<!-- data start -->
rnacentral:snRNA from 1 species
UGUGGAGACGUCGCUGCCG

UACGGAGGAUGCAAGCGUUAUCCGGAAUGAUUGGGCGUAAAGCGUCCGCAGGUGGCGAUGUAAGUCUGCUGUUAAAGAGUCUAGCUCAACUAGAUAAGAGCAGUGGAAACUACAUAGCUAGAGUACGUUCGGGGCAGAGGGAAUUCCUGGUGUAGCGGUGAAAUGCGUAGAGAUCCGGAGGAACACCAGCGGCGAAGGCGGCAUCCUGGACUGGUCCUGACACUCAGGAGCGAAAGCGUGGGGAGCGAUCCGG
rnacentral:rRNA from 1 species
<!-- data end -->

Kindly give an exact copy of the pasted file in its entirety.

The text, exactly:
rnacentral:snRNA from 1 species
UGUGGAGACGUCGCUGCCG

UACGGAGGAUGCAAGCGUUAUCCGGAAUGAUUGGGCGUAAAGCGUCCGCAGGUGGCGAUGUAAGUCUGCUGUUAAAGAGUCUAGCUCAACUAGAUAAGAGCAGUGGAAACUACAUAGCUAGAGUACGUUCGGGGCAGAGGGAAUUCCUGGUGUAGCGGUGAAAUGCGUAGAGAUCCGGAGGAACACCAGCGGCGAAGGCGGCAUCCUGGACUGGUCCUGACACUCAGGAGCGAAAGCGUGGGGAGCGAUCCGG
rnacentral:rRNA from 1 species